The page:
I was hoping to race during the Memorial day weekend. I was debating about driving to Portage, Indiana and running a 12k trail race or testing my speed and doing a small neighborhood 5k in Villa Park. I had eventually decided on the 12k and was really excited. As many of you know, I’ve been injured and unable to race for a few months. I thought the trail race would be a good opportunity to introduce my legs to racing again without the pressure of the clock. The first race back is always the hardest (and sometimes the most humbling) so I figured the 12k would be an easier way to shock my body into the reality of racing.
I woke up Monday morning and I really wasn’t in racing mode. The thought did cross my mind that maybe it wasn’t a smart idea because my foot isn’t 100% healed and I am just getting over a pretty bad respiratory infection. Despite these things I know I still could have raced, but I didn’t want to, not on Saturday, or Sunday, or even yesterday. Over the weekend, more immediate issues far out-weighed running. Don’t get me wrong, obviously running is a big part of my life and I love training and racing. But, as of last Friday, May 24th, my heart and mind have been with my Aunt.
Not just any Aunt, but one of my favorite Aunts. My Aunt Marge. She has been in my life for as long as I can remember. She has faithfully prayed for me and my family over the years. She has shown me what a life lived for Christ resembles. She doesn’t just talk about her faith but she lives her faith. My Aunt, who still remembers the name of Jesus, but no longer remembers my name, or who I am, or how we are related. My aunt who was diagnosed with Alzheimer’s.
My Aunt, who, while living at the nursing home, lost her balance and fell on four occasions. The fourth fall being extremely bad. She was not very responsive last Thursday and Friday while my mom and I, along with her husband, visited her. She was taken to the emergency room Friday morning, where we learned that both sides of her brain were bleeding and it was not in her best interest to under-go surgery.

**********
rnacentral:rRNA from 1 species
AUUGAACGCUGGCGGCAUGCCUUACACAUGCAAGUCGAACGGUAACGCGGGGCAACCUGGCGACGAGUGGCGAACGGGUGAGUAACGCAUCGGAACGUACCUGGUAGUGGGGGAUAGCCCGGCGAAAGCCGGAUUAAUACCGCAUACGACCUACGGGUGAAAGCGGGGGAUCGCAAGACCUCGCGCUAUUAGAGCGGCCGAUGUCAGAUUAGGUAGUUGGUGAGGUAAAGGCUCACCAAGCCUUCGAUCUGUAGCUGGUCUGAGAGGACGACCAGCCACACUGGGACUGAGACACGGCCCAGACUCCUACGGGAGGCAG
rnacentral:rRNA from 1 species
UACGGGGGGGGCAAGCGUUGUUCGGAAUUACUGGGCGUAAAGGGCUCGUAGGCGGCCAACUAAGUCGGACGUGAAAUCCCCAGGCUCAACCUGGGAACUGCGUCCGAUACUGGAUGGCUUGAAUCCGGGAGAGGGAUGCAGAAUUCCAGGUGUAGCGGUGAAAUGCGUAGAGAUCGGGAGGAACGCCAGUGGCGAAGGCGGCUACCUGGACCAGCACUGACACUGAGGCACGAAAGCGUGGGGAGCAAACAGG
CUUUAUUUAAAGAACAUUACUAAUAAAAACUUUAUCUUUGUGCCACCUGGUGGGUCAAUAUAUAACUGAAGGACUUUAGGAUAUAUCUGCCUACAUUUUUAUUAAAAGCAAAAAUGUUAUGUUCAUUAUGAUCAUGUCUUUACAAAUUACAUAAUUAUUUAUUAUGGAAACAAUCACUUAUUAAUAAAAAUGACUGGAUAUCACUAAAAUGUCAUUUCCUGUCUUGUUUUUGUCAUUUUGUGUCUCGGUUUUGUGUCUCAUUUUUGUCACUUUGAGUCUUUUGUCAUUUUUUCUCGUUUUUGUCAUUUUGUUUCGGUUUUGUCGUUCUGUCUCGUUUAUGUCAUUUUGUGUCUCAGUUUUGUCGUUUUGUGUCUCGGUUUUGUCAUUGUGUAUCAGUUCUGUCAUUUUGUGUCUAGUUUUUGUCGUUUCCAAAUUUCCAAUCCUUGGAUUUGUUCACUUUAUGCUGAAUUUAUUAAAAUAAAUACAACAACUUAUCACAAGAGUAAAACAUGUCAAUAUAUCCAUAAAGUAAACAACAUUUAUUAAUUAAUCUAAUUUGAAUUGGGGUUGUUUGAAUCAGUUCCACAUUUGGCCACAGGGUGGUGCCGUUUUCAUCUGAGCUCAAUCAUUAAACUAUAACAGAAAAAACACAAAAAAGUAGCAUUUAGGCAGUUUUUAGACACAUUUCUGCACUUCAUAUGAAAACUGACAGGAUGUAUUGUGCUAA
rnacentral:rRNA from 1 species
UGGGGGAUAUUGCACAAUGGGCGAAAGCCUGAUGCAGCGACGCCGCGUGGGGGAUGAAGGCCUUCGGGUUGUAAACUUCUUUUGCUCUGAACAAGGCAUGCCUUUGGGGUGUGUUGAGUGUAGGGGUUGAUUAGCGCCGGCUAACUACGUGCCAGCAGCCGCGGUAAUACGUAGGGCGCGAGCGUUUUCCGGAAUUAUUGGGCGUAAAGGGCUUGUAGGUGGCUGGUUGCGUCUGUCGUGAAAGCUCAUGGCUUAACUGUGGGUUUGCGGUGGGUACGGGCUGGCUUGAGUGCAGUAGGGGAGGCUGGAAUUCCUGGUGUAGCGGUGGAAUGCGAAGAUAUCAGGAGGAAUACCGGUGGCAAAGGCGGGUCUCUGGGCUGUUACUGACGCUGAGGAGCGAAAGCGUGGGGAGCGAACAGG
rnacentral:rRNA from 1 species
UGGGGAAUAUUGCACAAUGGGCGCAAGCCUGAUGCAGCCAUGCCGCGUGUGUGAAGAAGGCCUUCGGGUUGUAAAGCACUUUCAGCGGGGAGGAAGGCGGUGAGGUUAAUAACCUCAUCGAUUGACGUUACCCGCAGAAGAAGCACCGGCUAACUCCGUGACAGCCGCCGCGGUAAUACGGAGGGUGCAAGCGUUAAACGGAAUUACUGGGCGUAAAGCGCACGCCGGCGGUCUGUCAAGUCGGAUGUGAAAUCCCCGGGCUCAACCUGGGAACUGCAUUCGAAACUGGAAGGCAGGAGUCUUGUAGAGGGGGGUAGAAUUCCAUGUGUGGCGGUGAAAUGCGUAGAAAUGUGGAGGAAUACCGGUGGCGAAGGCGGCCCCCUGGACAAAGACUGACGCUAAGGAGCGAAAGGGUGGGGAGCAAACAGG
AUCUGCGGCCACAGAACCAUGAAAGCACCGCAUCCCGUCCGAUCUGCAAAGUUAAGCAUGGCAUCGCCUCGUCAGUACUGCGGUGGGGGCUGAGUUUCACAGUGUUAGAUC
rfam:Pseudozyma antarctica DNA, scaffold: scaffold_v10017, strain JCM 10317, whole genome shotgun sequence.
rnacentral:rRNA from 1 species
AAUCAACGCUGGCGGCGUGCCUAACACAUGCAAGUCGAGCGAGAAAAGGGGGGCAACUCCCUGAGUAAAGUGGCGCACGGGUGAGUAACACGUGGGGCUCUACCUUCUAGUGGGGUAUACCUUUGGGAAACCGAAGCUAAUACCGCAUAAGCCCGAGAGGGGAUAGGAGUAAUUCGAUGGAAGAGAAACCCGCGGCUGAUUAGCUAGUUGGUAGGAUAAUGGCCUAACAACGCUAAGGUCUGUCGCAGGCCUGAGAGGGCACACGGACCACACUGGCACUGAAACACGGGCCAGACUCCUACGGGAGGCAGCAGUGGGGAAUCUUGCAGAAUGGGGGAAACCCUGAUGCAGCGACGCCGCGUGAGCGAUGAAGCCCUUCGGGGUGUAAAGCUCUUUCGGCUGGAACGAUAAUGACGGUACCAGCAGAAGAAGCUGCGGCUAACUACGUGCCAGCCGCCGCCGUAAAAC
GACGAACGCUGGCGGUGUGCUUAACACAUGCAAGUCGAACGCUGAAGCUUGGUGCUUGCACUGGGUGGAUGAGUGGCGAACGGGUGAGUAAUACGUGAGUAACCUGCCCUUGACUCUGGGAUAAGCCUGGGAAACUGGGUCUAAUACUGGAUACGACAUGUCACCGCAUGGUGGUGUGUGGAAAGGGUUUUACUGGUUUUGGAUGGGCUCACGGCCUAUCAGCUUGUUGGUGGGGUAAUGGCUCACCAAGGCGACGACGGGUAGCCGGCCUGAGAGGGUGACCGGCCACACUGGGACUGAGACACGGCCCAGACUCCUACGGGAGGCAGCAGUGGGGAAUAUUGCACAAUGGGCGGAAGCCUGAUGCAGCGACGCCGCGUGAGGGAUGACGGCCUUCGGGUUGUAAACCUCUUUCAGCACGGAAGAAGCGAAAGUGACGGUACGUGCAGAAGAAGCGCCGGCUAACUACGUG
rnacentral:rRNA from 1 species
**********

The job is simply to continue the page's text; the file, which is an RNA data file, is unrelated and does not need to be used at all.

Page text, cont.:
At least for me, reality didn’t sink in until Saturday. I went back to the hospital to visit her and the realization struck that she would never walk again, or talk again, or enjoy food, or be able to refresh her thirst. She would never get out of bed again.
She was put under hospice care, and the goal of hospice is not to prolong her life in the most comfortable of ways, but rather keep her comfortable until her time on earth is over.
Sunday night the Doctor said she has approximately 4-5 days left. But yet, they don’t really know. And although we mourn, we “mourn with hope.” (1 Thess. 4:13-18) We know and believe, beyond a shadow of a doubt, that she is awaiting her home in heaven. She is going “home on God’s celestial shores, like a bird from prison bars has flown, she’ll fly away, just a few more weary days, and then she’ll fly away.” Home, free, restored, renewed. Home.
I know that it’s not my time to fly away from life’s pain and struggles, but I can run. And it’s in these moments of life that I like to run in solitude and in silence. It’s on these runs, where I don’t focus on running, but I focus on my thoughts, my emotions, my sadness, my anger, my joy, my confusion, and I ask questions and sometimes I find answers and sometimes I don’t. But somehow, pounding the pavement during these times, allows my mind to focus on Christ and meet with Him and life’s problems become a little easier to face.
I’ve run every day since Friday. I know that’s not a big deal. But yet, on every single one of these runs I have thought of my beloved Aunt Marge wasting away in her hospital bed, unable to move and unable to communicate and I pray that I won’t take the simple pleasure of running and a healthy body and a sound mind for granted.
And soon, my Aunt on “some glad morning, when her life is over, she’ll fly away, to a land where joy shall never end. She’ll fly away.”